Tuesday, March 8, 2022

History of Phoenician people

The Phoenicians occupied a narrow tract of land along the coast of modern Syria, Lebanon and northern Israel. In 1950 Otto Eissfeldt in his article "Phoiniker" in the "Realenzyklopadie" expressed the opinion that the history of this people began about 3000 B.C.

Phoenicia was an ancient civilization in Canaan which covered most of the western, coastal part of the Fertile Crescent. Canaan was the bridge that concocted Egypt and Mesopotamia and this piece of land shared today by Lebanon and Israel. Two groups – The Phoenician and the Hebrews – settled in Canaan and formed small kingdoms.

Phoenicians were active in the eastern Mediterranean from around the 4th millennium BC probably before the Minoans whose civilization emerged in the 3rd millennium BCE. The Phoenicians people were part of a larger group known as the Canaanites. The Canaanites came from the desert south and east of Canaan.

The name Phoenician, used to describe these people in the first millennium B.C., is a Greek invention. One interpretation of the origins of the word Phoenician is that it derives from the Greek p(h)oinix (singular) or poiniki (plural) used to describe people who lived in Canaan.

The term Canaanites is generally applied to them, but could include non-Phoenicians. Another group – the Philistines – lived in southern Canaan along the Mediterranean. For about a thousand years, Phoenicians were able to travel by sea across the length and breadth of the Mediterranean and far beyond. Their sailors and explorer plotted their courses by the sun and stars. They travel to places where no one else dared to go.

They were the great mariners of the ancient world, and their thalassocracy (maritime realm) was organized into city-states akin to the Greeks. Around 60 BCE, Diadorus wrote: “The Phoenicians ... from ancient times were skilled in making discoveries for their own profit.” Masters of the sea, they took to exploring uncharted oceans as they looked for new sources of both raw materials and manufactured goods, as well as of grain and other foodstuffs.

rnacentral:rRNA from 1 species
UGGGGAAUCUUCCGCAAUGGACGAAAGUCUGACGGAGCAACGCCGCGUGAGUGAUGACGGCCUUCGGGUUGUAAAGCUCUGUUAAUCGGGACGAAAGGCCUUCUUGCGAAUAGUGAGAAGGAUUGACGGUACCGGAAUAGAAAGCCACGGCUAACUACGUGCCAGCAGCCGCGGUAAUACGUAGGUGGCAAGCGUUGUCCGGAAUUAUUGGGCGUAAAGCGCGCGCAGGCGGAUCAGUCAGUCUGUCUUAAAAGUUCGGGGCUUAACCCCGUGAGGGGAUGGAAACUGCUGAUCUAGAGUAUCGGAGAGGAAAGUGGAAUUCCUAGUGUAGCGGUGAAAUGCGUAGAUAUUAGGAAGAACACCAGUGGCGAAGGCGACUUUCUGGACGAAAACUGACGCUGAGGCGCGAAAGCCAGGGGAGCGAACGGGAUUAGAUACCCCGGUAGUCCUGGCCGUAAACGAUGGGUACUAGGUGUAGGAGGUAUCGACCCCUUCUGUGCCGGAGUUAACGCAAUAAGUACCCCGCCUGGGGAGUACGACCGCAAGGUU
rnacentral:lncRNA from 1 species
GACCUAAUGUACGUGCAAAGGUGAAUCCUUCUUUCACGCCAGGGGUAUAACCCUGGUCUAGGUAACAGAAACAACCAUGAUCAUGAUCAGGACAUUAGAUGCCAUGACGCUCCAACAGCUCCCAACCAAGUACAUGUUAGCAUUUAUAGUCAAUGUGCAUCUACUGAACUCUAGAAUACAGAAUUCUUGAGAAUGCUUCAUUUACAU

Phoenicians’ heyday came after the collapse of the great powers of Hittite Anatolia, Kassite Babylonia, and Mycenaean Greece around 1200 BCE: merchants from Levantine ports including Tyre, Sidon, Byblos, and Beirut, seized a new set of opportunities, trading cedar from Mount Lebanon, along with exquisite items crafted from metal, ivory, and glass, for raw metals from the west.

The Phoenicians founded the coastal city-states of Byblos, Sidon and Tyre (ancient Canaan). All were fiercely independent, rival cities and, unlike the neighboring inland states, the Phoenicians represented a confederation of maritime traders rather than a defined country. Sidon and Tyre were two large Phoenician cities barely 35 kilometers apart, a fact that contributed to their rivalry, open or latent, throughout the whole of their history. They developed alternately: when one was prosperous and powerful, the other was weak and in decline. Sidon developed substantially during the second half of the second millennium.

The greatest of all the Phoenician city-states, however, was Carthage in North Africa. According to legend it was founded in 813 BCE by Queen Dido, and its name meant “New Village”.

Phoenicians played a large part in the development of the first alphabet using abstract symbols rather than pictographs as used in Egyptian and Babylonian writing. Herodotus cites Phoenicia as the birthplace of the alphabet, stating that it was brought to Greece by the Phoenician Kadmus.

Phoenician alphabet developed out of the North Semitic alphabet and was spread over the Mediterranean area by Phoenician traders. It was in use until about the 1st century BCE in Phoenicia proper.
History of Phoenician people


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